Connected, engaged and coming of age in Asia Pacific
They are the K-pop stars traversing the world. They’re the creatives crossing over to activism. They’re the most global generation ever, yet also deeply rooted in community; in fact, many regard family members as their heroes.
In our new report “Generation Z: APAC,” we examine the generation coming of age in the world’s fastest-growing region, amid geopolitical shifts and global challenges like climate change. We found that they are largely positive about their futures—with young Chinese most positive, and young Japanese least—and when they don’t like something, they are willing to do something about it.
“They are really questioning the norms and don’t want to be straitjacketed,” Gerda Binder, UNICEF’s Bangkok-based regional gender advisor for East Asia and the Pacific, tells Wunderman Thompson Intelligence.
In this report, we define generation Z as those born between the mid-1990s and the early 2000s. They’re today’s teenagers as well as the young adults now entering the workforce. In the West, gen Zers have been described as the more responsible younger siblings to directionless millennials, or generation Y. In Asia Pacific, a vast area home to 60% of the world’s population, the picture is more nuanced.
Gen Z APAC is shaped by national economies—the maturing of China’s great market experiment, the opening up of Vietnam to the world, Japan’s long economic stagnation. And they’re influenced by culture and religion—in Indonesia, for example, which is adopting a tighter embrace of Islam in private and public life as many other parts of the world are becoming more secular.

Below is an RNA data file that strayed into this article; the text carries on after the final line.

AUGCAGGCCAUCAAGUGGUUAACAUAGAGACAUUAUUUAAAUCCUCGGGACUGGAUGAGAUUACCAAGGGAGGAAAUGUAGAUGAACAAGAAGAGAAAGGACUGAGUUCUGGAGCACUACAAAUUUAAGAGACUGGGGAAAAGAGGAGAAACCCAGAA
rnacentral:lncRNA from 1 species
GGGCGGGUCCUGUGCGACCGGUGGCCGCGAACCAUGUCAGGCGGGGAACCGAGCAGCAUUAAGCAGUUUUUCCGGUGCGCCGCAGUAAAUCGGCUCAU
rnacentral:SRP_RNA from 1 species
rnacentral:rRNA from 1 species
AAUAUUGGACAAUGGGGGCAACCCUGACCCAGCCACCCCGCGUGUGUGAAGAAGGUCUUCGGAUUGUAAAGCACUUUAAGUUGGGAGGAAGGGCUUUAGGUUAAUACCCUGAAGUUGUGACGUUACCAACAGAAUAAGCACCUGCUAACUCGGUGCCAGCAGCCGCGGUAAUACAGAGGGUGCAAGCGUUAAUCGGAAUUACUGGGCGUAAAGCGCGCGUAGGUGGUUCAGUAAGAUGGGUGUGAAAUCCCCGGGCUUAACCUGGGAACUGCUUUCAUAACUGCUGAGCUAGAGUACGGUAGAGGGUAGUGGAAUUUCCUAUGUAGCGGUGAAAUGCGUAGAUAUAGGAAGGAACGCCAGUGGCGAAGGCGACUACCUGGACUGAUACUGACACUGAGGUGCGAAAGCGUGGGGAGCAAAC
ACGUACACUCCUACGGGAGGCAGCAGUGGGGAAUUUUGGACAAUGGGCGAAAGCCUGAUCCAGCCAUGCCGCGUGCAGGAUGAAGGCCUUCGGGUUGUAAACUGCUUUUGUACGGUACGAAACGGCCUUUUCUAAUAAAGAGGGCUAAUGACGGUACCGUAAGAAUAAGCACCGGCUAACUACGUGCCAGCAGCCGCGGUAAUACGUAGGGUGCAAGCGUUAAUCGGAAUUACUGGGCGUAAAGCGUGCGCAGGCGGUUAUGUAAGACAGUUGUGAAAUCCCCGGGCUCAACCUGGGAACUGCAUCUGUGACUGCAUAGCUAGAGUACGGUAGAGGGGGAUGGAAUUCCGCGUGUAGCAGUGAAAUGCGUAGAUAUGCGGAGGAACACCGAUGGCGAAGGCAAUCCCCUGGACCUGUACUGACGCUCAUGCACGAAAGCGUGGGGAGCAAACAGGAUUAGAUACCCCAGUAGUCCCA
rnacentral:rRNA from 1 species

To understand gen Z in Asia, we commissioned a survey of 4,500 consumers aged 13 to 23 from nine markets—China, Hong Kong, Indonesia, Japan, the Philippines, Singapore, Taiwan, Thailand and Vietnam. The survey was conducted between October 10 and October 25, 2019.
Survey questions covered technology and media, online and offline purchases, health and wellness, finances, future hopes, worries, personal heroes, diversity and politics.
Our findings show a confident, socially progressive generation who have adapted to shifting times, who are equally comfortable online and off, and who are rewriting the social mores associated with the multiple issues that are shaping the modern world.
Key findings include:
- 74% say their generation will be better off than their parents’ generation.
- Gen Zers in China are most optimistic (94%) about being better off than their parents, followed by Indonesia (91%), Thailand (88%), Vietnam (84%), the Philippines (78%), Singapore (74%), Hong Kong (71%), Taiwan (60%) and Japan (28%)
- 76% overall say they use their smartphones multiple times a day. Yet 87% say their peers spend too much time on digital devices. The vast majority—89%—say they think carefully about what they post online
- 76% overall say they are as comfortable purchasing online as offline, rising to 88% in China. But 62% overall say they prefer to buy in a physical store
- 88% say it’s important to start saving for their future now. 85% say they wish there was more education around financial literacy
- Those in Indonesia, the Philippines, Thailand, Singapore and Vietnam are most likely to pick family members as personal heroes, mostly followed by teachers. Those in China, Hong Kong and Taiwan are most likely to pick celebrities as personal heroes; and young people in China also hold scientists, entrepreneurs and politicians in high esteem
- Eight out of 10 overall say gender doesn’t define a person as much as it used to
- 75% overall say they would date outside their race
- 56% say they are trying to eat less meat than in the past
Download Generation Z: APAC for more.